Third Rail Repertory's rapid growth from a scrappy ensemble co-producing with CoHo to a beloved pillar of Portland's theater scene has a lot to do with Craig Wright. The company included plays by the prolific L.A.-based writer (he turns out a play a year, has written for Six Feet Under, Lost, Brothers and Sisters and United States of Tara, and created the ABC series Dirty Sexy Money) in each of its first three seasons, every one of which garnered rave reviews and Drammy awards. To finish its fifth season, Third Rail commissioned Wright to create a play just for the company's actresses—Stephanie Gaslin, Maureen Porter, Valerie Stevens and Gretchen Corbett.

The product of this collaboration is The Gray Sisters, a family tragedy (sexual abuse, suicide, etc.) set in Portland, told from an exclusively female point of view: The play consists of four monologues by the four sisters, written as one-sided conversations with family members—men, mostly—whom we don't see, and whose responses we must intuit from context. It's hardly a new form, but Wright puts it to good use. The conversations seem natural, as do the characters. Wright doesn't make the mistake of many male playwrights, whose women serve only as props or reflections of male concerns. The Gray sisters appear to be real people, with real interior lives, upon whom various unloving or oblivious family members have projected their desires to ugly ends. But they aren't complaining. Wright isn't Tennessee Williams, and the sisters aren't broken waifs. They cope; they keep on. "The important thing to remember," Anya (Valerie Stevens) tells her 12-year-old son, after attempting to explain to him how her stepfather raped her for years, "is that life isn't really that bad." That's a philosophy I can get behind, and one that seems to be at the center of Wright's world view. Bad things happen to good people but, hey, life goes on.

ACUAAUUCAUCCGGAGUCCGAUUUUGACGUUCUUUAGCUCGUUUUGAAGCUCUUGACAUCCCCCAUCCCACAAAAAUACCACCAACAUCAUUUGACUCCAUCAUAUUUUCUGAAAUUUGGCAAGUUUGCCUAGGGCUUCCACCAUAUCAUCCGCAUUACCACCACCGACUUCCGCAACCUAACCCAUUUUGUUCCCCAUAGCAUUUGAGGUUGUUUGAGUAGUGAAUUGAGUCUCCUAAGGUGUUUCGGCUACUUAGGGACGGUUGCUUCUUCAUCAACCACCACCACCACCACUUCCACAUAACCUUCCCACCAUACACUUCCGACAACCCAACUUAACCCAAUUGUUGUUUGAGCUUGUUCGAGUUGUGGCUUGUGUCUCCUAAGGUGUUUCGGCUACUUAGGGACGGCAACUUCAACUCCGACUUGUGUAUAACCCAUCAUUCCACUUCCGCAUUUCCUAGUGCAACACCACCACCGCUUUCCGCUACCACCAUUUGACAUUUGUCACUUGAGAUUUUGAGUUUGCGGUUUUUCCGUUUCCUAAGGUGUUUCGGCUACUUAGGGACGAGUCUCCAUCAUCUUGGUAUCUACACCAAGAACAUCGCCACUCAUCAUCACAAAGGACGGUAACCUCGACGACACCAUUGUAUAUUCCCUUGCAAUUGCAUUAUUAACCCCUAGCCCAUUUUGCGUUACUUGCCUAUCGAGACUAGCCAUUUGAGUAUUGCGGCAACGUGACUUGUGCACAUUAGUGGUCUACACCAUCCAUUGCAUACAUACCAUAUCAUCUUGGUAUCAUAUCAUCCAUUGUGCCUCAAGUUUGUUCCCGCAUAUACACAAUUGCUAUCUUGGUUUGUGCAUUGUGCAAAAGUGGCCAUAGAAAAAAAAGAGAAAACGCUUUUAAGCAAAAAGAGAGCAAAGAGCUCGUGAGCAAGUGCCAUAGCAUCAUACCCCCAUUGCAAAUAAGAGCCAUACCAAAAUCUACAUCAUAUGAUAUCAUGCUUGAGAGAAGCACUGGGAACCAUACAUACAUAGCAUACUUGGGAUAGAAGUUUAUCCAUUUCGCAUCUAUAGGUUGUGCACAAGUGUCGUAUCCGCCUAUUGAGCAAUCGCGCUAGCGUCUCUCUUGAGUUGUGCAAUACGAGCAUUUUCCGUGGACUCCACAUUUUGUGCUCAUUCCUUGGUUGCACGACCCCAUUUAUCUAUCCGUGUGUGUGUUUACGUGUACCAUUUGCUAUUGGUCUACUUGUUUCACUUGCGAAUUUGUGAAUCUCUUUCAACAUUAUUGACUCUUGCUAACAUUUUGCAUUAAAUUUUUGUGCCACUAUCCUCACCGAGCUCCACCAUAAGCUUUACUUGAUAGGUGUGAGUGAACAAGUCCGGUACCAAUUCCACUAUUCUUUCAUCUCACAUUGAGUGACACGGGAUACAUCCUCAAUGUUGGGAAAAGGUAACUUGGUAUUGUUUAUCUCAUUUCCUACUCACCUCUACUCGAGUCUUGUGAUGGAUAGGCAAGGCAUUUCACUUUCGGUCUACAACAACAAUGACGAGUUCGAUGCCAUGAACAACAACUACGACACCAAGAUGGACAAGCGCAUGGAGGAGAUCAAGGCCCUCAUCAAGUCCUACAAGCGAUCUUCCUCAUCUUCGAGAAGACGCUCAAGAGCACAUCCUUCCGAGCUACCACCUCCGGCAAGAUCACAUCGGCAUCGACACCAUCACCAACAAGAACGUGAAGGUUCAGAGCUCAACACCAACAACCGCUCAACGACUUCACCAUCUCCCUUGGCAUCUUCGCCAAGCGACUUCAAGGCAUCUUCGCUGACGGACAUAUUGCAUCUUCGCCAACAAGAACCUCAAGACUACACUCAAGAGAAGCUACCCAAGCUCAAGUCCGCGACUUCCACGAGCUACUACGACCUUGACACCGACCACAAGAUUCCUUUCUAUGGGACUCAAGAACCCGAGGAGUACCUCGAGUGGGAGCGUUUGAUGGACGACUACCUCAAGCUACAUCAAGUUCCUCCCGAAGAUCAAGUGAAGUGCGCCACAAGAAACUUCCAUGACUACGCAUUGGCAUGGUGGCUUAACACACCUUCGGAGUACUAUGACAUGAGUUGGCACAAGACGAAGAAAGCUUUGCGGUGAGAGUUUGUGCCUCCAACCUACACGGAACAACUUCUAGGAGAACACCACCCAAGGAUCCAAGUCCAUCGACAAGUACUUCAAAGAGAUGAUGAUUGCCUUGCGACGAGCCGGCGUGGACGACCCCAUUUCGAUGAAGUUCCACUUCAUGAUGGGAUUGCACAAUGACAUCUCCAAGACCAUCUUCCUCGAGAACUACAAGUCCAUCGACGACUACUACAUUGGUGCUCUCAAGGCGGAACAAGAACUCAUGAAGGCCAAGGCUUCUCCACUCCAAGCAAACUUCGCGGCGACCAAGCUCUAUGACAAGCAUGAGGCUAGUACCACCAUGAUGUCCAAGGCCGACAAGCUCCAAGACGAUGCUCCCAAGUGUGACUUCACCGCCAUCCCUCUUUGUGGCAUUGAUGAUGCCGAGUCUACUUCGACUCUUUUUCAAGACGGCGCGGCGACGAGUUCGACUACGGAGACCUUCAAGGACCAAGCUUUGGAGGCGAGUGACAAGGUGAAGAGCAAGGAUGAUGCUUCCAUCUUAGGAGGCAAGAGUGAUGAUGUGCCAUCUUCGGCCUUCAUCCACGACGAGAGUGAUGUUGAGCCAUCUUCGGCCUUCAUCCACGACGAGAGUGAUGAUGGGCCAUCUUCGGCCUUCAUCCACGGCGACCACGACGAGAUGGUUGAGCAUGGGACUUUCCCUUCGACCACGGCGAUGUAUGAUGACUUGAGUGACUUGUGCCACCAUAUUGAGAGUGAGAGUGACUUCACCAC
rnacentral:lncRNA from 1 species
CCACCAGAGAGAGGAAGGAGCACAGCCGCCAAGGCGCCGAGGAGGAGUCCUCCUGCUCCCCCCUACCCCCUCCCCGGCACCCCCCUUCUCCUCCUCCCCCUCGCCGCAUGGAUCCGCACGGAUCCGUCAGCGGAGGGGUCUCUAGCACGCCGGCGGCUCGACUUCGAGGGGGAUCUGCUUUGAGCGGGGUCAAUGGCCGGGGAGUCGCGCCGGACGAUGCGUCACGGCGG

The Gray Sisters isn't Wright's best play, and it's unlikely to win him the Pulitzer he probably deserved for Grace, which Third Rail produced in 2007, but it's a far more polished work than most of the commissions the city's seen lately (Tracy Letts' somewhat rough Three Sisters for Artists Rep comes to mind). I'm calling this collaboration a success, and I hope we'll see more in the future.


World Trade Center, 121 SW Salmon St., 235-1101. 7:30 pm Thursdays-Saturdays, 2 pm Sundays. Closes May 23. $15-$29.